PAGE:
• by Anonymous Coward on Friday March 19, 2004 @10:23PM (#8617759)

    These guys do a lot of the same stuff.
  • by mark-t ( 151149 ) <markt@NoSPaM.nerdflat.com> on Friday March 19, 2004 @10:23PM (#8617767) Journal
    Since the site is slashdotted to the ninth circle of hell and beyond, and the google cache links don't refer to any of the theory pages, would someone be willing to explain exactly how this works and why it happens?
    • by multipartmixed ( 163409 ) * on Friday March 19, 2004 @10:30PM (#8617810) Homepage
      Electrons moving in a wire exert a magnetic force.

      A lot of electrons moving in a wire exert a lot of magnetic force.

      If you use coiled wires, you get a cylindrical magnetic field.

      If you put a coin inside a coiled wire with a lot of electrons moving through it, it gets smooshed.
      • I wonder what would happen if this was done to a Canadian 2 dollar coin (also known as a twonee). Instead of being made with a single metal (or a bunch of metals mixed together), this coin has two seperate sections. The middle is mostly copper and the outside ring is nickel
        • American coins are sort of like this too [usmint.gov] - made of layers of differing metals or alloys. Quarters, nickels and dimes are pure copper inside, clad with a mixture of copper and nickel. Pennies are zinc plated with copper.

          I think that there is enough space between the particles in the metals at the newtonian scale that there should be no significant size difference between two different metals being shrunk by this method. At the atomic or subatomic scale, there might be a measurable difference difference, bu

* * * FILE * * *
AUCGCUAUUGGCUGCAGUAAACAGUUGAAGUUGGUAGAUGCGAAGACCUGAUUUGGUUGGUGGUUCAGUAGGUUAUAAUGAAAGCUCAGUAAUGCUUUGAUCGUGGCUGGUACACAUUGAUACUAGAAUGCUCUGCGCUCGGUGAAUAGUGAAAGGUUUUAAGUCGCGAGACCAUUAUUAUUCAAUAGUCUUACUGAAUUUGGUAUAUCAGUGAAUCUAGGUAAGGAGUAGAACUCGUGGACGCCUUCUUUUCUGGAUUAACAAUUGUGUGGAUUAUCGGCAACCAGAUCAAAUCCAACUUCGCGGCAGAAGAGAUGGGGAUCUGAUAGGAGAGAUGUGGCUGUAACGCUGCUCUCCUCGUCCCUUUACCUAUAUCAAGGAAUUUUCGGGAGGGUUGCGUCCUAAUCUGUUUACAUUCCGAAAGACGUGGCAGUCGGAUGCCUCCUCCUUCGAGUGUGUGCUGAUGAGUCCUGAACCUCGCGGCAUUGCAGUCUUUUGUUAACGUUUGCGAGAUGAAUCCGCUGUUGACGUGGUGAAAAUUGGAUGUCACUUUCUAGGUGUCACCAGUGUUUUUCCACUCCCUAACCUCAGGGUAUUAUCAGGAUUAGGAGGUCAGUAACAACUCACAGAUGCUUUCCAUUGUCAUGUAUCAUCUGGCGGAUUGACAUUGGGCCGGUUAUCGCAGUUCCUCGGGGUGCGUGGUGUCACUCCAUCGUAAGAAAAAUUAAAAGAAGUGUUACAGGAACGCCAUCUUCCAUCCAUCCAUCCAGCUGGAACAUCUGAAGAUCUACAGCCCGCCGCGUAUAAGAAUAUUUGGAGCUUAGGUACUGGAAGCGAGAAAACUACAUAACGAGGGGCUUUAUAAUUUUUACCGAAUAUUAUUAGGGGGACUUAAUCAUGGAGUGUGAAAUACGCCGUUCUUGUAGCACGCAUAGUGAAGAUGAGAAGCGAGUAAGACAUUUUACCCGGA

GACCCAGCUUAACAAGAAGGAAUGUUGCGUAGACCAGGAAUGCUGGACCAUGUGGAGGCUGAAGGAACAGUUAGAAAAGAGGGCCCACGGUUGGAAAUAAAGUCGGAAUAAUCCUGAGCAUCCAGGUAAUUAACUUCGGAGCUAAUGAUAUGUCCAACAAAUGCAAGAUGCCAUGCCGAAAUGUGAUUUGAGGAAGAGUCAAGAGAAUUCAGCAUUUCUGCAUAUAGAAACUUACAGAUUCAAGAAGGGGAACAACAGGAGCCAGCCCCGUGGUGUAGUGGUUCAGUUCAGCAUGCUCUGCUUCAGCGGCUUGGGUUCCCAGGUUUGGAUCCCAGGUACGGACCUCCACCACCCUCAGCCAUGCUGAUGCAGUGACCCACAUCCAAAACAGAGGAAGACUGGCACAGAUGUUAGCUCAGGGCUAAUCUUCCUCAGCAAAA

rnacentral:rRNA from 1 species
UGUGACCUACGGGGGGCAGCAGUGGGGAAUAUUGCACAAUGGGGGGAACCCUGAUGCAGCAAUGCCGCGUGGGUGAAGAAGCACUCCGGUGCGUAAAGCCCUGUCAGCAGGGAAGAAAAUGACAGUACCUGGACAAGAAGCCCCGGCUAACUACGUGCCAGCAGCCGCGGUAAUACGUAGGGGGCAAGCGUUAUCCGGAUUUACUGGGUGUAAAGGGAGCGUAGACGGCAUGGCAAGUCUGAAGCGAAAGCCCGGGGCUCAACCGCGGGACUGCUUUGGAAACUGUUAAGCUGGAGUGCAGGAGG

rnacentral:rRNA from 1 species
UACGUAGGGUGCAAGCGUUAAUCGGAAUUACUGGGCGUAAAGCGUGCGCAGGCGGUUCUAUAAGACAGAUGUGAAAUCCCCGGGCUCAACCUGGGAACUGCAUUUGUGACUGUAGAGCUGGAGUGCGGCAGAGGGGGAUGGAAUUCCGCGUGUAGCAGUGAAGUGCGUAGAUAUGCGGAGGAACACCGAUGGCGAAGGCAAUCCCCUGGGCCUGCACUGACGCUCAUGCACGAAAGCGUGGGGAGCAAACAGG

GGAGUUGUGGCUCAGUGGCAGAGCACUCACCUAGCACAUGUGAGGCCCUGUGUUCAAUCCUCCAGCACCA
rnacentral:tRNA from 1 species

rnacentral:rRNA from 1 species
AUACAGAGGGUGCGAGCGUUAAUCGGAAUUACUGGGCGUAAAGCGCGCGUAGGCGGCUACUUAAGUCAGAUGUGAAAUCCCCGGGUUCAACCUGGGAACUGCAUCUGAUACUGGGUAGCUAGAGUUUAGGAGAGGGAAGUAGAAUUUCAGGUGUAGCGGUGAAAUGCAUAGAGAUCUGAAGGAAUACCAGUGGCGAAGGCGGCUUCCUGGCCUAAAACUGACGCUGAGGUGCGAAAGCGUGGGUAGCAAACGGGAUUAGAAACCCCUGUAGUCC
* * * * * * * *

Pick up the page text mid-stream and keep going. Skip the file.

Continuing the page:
• From PopSci [popsci.com]:

      Bert's high-voltage equipment takes up most of his screened-in porch (from the looks of things, his wife drew a line at the sliding door?there's a clear border between tidy suburban house and chaotic suburban lab). Bert begins the coin-shrinking process by wrapping a quarter in copper wire and bolting the leads to copper bus bars, which are connected, by way of a triggered spark gap, to a 600-pound bank of 12,000-volt capacitors. A bulletproof blast shield encloses the coin and coil, and a hi

  • by Temporal Outcast ( 581038 ) on Friday March 19, 2004 @10:30PM (#8617811) Journal
    See Sam Barros' Powerlabs for similar stuff - the guy has got a lot of very cool and realy interesting stuff. [powerlabs.org]

    Especially interesting are his high-voltage stuff [powerlabs.org].
  • Is this legit? (Score:4, Interesting)

    by adept256 ( 732470 ) on Friday March 19, 2004 @10:34PM (#8617827)
    Can't you get in trouble for monkeying with currency?

    Very cool, though.
    • by Anonymous Coward
      Not sure, though I know for a fact that you can get in trouble for applying current to a monkey.
    • Re:Is this legit? (Score:4, Informative)

      by Peale ( 9155 ) on Friday March 19, 2004 @11:21PM (#8618061) Homepage Journal